Document DetailsHydrophilic Liquid in Glacier Boreholes
|Authors:||Zagorodnov VS, Morev VA, Nagornov OV, Kelley JJ, Gosink TA and Koci BR|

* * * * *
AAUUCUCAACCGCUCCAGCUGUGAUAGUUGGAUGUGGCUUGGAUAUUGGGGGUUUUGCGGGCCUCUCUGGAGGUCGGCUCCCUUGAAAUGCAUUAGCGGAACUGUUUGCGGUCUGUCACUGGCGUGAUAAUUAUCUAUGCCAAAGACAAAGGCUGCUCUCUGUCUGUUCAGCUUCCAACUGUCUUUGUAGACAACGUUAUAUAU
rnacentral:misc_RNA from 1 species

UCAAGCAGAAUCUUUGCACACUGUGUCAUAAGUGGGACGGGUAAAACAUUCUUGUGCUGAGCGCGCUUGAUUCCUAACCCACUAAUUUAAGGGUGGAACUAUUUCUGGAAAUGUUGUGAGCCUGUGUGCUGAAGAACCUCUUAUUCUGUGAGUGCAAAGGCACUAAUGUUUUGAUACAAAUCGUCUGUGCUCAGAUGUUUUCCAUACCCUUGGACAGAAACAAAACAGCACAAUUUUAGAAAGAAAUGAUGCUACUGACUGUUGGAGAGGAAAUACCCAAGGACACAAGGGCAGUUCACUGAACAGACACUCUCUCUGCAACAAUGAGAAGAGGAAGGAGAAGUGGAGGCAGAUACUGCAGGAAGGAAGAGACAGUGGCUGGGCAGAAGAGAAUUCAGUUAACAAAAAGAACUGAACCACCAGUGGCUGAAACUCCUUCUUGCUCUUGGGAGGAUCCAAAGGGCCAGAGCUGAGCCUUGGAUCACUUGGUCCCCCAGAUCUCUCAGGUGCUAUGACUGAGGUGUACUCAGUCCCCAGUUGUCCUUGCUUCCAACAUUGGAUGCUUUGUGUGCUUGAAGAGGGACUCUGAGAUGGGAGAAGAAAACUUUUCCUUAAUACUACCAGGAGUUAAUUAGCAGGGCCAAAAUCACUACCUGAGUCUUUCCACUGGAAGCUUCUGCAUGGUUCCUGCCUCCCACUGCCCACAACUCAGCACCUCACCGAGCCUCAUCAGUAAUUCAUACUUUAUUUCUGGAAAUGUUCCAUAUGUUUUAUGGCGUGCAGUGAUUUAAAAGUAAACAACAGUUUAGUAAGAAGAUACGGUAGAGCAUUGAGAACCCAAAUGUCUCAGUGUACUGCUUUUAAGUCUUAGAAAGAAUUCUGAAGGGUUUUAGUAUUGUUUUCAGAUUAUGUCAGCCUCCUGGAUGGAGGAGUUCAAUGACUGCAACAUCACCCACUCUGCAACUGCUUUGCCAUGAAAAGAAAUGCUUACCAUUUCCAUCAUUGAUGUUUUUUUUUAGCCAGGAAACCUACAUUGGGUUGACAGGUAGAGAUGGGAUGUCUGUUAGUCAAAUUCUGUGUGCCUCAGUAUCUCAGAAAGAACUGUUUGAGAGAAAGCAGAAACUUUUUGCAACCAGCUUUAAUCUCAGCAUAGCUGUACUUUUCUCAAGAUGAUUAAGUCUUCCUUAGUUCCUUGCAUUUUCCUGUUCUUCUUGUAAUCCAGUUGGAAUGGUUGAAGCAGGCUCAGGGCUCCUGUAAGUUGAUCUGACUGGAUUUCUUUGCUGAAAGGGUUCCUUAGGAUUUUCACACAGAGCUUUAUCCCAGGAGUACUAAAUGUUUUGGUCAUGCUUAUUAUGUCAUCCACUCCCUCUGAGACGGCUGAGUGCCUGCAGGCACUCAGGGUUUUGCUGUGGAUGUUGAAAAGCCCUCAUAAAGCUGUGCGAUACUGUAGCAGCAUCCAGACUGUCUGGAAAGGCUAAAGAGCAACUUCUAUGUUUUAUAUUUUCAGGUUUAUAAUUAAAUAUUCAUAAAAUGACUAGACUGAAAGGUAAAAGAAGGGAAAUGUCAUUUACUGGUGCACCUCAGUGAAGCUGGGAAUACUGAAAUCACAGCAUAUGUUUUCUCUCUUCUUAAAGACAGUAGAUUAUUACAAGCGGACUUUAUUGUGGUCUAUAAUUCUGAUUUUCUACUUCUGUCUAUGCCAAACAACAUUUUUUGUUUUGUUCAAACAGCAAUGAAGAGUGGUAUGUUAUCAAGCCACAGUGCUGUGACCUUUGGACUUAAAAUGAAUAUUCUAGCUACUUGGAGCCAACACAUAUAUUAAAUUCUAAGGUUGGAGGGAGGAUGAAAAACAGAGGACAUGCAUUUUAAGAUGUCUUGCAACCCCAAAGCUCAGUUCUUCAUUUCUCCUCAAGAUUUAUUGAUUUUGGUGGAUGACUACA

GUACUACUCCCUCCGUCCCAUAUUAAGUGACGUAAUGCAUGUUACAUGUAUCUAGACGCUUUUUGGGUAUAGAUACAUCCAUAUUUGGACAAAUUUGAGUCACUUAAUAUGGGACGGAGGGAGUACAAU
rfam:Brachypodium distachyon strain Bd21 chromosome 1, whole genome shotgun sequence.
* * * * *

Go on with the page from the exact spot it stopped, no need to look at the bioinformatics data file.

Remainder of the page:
Ecological integrity is a primary criteria of any liquid used for filling boreholes in glaciers. Antifreeze solutions based on ethanol and other high molecular weight alcohols are among several potential fluids used for drilling deep holes in the central part of the Antarctic Ice Sheet. At relatively high ice temperatures in boreholes, the concentration of ethanol in the solution is low. Therefore, such drilling fluids have a much lower environmental impact than others. Ethanol-water solutions can be used for filling boreholes with temperatures from 0 to -60 degrees Celsius. Ethanol requirements for deep drilling are significantly less than the volume of the borehole. The penetration of ethanol into the ice core is essentially the same as kerosene. Given the correct technological regimen, ice core dissolution is about 1-mm ply per 40 min. The preparation of an antifreeze thermodrill takes from 5 to 15 min, which includes pumping the drilling solution into the drill while simultaneously extracting the ice core. The lowering or raising speed of the instruments in the boreholes with an ethanol-water solution at -53 degrees Celsius is 0.3 m/s. By increasing the clearance between the drill and the hole wall, the movement speed could be 0.5 m/sec. At -53 degrees Celsius the penetration rate of an antifreeze thermodrill is about 120 m/week. Drills with 6-m length core barrels and large clearance will operate with about a 350 to 450 m/week penetration rate. Use of ethanol-water fluid for thermal drilling involves slush formation. Practice has shown that ice slush formation in boreholes is not a major drilling problem.